Directive 1999/22/EC on the keeping of wild animals in zoos thus sets rules for the licensing and inspection of zoos to ensure they comply with the EU law on the conservation and protection of wild animal species. However, the Directive fails to specify standards on the enrichment of enclosures and in fact provides no regulation on the treatment of animals whatsoever. Most importantly, this Directive supports the industry idea that zoos contribute to species conservation, something which is contested by many animal advocates.


Wild Animals (Conservation and Hunting Regulations)


The EU Legislature has been proactive in banning cruel hunting methods on the grounds of species conservation.


First, the Birds Directive (Directive 2009/147/EC) bans traditional hunting methods, such as glue trap hunting. Such a prohibition was confirmed in an ECJ ruling against France in 2021, which further recognised that, in addition to serving conservation purposes, traditional hunting methods harm the welfare of birds.


Since 1991, the EU has also prohibited the use of leghold traps on wild animals hunted for their fur by way of Council Regulation 3254/91. This ban has extraterritorial effects since it further prohibits the import of pelts and other wild animal-source products that come from non-EU countries where hunting with leghold traps is legal.


Finally, Regulation (EC) No 1007/2009 on trade in seal products bans the imports of so-called “seal products” originating from seal hunting, which the EU considers to be an immoral practice. Canada issued a challenge against the EU, claiming that the ban on the importation of seal products amounted to an unfair trade barrier. However, in a 2014 opinion, the World Trade Organisation’s Dispute Settlement Body sided in favour of the EU; thus, the EU ban on products made with hunted seals remains.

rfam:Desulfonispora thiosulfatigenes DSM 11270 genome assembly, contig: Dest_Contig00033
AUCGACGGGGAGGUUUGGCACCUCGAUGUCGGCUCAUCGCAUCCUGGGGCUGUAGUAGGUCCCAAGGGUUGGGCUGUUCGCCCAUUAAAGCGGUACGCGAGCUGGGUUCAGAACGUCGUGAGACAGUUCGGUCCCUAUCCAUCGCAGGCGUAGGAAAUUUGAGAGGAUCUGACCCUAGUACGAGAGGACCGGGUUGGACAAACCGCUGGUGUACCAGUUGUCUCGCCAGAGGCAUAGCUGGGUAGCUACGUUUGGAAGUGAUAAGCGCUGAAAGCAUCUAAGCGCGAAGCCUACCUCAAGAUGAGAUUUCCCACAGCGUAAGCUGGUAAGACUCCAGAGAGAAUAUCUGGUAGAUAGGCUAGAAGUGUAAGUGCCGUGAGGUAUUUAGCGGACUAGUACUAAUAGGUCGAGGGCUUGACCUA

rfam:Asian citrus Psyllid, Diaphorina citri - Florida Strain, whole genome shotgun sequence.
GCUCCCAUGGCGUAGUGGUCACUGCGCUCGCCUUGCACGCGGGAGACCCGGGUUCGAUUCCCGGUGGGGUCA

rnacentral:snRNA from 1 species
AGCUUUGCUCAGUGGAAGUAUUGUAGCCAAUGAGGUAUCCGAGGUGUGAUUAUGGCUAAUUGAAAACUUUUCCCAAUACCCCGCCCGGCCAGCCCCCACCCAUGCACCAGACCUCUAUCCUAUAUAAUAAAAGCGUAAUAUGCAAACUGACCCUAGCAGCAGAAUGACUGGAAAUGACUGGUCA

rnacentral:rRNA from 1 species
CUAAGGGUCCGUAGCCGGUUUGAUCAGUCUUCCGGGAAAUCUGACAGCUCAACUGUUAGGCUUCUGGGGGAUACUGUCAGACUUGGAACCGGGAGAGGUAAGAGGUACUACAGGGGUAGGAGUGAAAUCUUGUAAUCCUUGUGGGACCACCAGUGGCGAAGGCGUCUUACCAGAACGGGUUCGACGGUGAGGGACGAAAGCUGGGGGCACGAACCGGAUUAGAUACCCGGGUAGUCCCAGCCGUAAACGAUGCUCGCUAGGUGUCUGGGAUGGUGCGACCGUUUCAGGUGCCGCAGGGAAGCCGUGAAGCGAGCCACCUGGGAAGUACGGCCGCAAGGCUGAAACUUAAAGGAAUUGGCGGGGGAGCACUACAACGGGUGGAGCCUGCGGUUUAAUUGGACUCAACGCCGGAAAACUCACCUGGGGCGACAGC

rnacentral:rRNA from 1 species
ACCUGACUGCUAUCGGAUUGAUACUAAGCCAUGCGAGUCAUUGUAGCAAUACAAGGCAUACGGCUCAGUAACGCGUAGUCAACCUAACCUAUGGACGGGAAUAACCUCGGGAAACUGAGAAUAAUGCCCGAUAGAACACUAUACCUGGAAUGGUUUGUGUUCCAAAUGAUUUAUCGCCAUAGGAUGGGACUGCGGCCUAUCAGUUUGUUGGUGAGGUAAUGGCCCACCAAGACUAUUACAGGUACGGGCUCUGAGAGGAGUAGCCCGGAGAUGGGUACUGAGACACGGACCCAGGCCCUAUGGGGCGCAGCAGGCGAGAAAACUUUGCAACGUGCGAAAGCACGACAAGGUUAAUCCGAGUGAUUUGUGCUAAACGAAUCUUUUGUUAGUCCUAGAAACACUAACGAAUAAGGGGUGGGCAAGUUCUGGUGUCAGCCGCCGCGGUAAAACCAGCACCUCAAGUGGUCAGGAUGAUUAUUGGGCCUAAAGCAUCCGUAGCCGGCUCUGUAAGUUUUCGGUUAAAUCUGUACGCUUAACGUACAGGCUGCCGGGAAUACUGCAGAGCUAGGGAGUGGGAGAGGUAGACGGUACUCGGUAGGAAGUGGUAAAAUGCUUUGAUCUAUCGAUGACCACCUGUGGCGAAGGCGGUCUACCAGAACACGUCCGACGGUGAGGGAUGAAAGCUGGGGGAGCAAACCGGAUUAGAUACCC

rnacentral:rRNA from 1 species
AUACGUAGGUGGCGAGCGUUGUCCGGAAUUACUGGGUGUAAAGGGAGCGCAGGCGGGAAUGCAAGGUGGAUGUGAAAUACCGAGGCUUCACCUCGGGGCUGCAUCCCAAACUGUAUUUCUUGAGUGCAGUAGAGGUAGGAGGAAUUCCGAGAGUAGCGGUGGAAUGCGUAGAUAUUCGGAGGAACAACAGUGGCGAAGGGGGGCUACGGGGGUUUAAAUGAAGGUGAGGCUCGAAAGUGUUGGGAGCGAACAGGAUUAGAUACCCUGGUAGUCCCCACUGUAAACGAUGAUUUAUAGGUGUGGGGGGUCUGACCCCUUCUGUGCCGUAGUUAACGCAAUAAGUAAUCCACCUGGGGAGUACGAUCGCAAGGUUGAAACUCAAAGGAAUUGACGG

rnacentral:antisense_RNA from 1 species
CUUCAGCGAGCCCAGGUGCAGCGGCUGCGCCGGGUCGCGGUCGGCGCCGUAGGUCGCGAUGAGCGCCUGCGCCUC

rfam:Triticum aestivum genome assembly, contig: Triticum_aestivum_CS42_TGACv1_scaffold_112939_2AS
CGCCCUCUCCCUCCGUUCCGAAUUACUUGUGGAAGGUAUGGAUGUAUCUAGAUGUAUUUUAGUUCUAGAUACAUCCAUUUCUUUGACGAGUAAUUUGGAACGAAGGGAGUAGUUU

What’s Next for Animals?


In 2020, the European Commission committed to propose a new legislation on farm animal welfare by 2023. The following year, in June 2021, the European Commission further committed to end the use of cages for laying hens, rabbits, pullets, broiler breeders, layer breeders, quail, ducks, and geese; farrowing crates for sows; and sow stalls and individual calf pens. This commitment followed the signature of the European Citizens’ Initiative – an official petition to the EU – which gathered 1.4 million signatures.


Conclusion


Although the EU claims to be leading on animal welfare, a closer look at the standards in the legislation reveal that, in practice, EU laws are too accommodating towards industry practices, to the detriment of animals. The EU farm animal welfare legislation is in particular need of reform, as it has limited itself to codifying into law common industry practices typical of industrial farm animal production. The upcoming revision of EU farm animal welfare is an opportunity for the EU to live up to the reputation it seeks.


Getting Advice


This post is not legal advice and should not be relied on as such. If you require legal advice on animal protection laws, please contact info@advocates-for-animals.com


In addition you can find more information about animal protection laws in the European Union here AnimalLawEurope.com and here Calf.law